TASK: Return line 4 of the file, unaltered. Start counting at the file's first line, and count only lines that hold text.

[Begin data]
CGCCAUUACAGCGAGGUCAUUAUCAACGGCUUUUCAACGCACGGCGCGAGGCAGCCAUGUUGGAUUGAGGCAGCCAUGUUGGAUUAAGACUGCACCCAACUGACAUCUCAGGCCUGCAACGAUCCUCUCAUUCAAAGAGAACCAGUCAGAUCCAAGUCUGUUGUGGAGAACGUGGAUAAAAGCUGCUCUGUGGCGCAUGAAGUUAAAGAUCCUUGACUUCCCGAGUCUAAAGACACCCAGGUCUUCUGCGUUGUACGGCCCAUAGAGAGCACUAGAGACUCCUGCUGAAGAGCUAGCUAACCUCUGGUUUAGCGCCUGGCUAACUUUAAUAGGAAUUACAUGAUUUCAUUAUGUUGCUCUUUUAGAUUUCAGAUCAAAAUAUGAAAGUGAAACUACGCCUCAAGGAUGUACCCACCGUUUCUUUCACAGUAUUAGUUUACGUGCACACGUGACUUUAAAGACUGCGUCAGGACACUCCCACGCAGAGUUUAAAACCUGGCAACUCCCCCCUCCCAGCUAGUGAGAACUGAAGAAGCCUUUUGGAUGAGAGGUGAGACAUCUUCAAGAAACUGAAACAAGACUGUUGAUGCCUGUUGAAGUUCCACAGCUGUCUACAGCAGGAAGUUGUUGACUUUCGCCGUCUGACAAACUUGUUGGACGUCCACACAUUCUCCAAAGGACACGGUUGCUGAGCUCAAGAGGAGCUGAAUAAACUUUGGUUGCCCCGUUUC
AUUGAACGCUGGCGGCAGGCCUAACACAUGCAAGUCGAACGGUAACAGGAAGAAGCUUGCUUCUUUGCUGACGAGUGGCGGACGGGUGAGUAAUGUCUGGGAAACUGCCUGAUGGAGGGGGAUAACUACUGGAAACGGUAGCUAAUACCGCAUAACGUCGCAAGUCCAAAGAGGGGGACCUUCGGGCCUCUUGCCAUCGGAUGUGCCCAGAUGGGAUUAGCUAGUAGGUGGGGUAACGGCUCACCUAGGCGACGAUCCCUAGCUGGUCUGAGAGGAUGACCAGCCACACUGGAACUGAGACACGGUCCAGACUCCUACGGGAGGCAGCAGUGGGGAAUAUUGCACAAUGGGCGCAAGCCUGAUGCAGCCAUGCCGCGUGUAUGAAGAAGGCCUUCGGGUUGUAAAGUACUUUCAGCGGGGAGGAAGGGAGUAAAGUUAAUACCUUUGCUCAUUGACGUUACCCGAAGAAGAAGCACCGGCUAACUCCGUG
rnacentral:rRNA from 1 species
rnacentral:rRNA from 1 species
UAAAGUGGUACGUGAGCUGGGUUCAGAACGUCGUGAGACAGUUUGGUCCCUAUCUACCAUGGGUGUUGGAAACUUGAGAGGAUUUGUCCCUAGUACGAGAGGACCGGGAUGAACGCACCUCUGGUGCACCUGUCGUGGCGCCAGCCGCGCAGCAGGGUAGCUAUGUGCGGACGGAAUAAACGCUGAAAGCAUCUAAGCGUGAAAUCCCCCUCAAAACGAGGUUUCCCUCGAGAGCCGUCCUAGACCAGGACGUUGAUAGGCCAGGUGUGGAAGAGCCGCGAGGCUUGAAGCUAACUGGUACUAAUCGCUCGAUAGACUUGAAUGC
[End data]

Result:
rnacentral:rRNA from 1 species